"Not one climate model predicted the severe Indian drought of 2009, followed by the prolonged rains the next year — a one-year increase of 40 percent in most regions. These natural variations are not new. They have happened for tens of thousands of years.
"A paper for the scientific journal Climate Dynamics co-authored by B.N. Goswami, recently retired director of the Indian Institute of Tropical Meteorology, shows why the models relied upon by the U.N. climate panel’s recent assessments predict monsoons inaccurately.
"All 16 models examined have the same fatal flaw: They predict rain too easily, by artificially elevating air and water masses in the atmosphere."Models are not ready to predict the climate. Misusing computers to spew out multiple “what-if” scenarios is unscientific. This approach simply means “if all our unproven assumptions are correct, this could happen.”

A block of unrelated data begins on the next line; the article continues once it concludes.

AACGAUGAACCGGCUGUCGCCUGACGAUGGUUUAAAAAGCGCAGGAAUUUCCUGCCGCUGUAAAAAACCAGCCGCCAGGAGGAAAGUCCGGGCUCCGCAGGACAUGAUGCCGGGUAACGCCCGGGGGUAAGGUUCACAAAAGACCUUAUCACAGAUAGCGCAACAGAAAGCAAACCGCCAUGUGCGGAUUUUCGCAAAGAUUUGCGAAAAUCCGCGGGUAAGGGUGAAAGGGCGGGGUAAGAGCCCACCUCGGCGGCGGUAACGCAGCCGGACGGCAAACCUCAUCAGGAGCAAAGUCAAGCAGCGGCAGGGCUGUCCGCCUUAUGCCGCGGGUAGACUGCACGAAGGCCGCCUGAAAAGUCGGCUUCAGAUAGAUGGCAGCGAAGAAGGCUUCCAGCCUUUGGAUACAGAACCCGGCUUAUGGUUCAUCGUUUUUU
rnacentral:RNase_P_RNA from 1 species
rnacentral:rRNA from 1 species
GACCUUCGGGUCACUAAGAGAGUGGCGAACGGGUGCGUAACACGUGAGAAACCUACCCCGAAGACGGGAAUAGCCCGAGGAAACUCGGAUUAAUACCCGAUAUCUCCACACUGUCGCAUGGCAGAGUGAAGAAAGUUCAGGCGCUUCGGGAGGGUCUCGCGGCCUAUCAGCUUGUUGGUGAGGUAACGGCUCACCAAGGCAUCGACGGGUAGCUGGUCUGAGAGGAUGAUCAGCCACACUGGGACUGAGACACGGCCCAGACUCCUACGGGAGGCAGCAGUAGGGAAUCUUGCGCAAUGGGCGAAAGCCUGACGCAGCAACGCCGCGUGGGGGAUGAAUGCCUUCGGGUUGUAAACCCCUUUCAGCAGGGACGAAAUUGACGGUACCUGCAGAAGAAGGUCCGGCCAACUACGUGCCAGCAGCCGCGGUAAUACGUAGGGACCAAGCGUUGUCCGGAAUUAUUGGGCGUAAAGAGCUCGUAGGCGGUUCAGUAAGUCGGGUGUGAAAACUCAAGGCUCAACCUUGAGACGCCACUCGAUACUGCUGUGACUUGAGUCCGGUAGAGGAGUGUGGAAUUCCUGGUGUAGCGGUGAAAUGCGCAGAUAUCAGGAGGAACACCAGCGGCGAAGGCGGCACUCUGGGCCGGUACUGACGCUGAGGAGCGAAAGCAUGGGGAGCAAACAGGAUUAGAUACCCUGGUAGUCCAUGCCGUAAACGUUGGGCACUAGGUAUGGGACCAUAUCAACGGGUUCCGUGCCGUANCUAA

Perhaps an even better essay on global warming appears in the Review section of this weekend's Wall Street Journal. Written by Steven Koonin, undersecretary for science in the Energy Department during President Obama's first term. He also was a professor of theoretical physics at Caltech. He argues that "climate science is not settled," and adds in the subtitle, "we are very far from having the knowledge needed to make good policy." His observations about the climate models are very close to those of Soon and Monckton:
"For the latest IPCC report (September 2013), its Working Group I, which focuses on physical science, uses an ensemble of some 55 different models. Although most of these models are tuned to reproduce the gross features of the Earth's climate, the marked differences in their details and projections reflect all of the limitations that I have described. For example: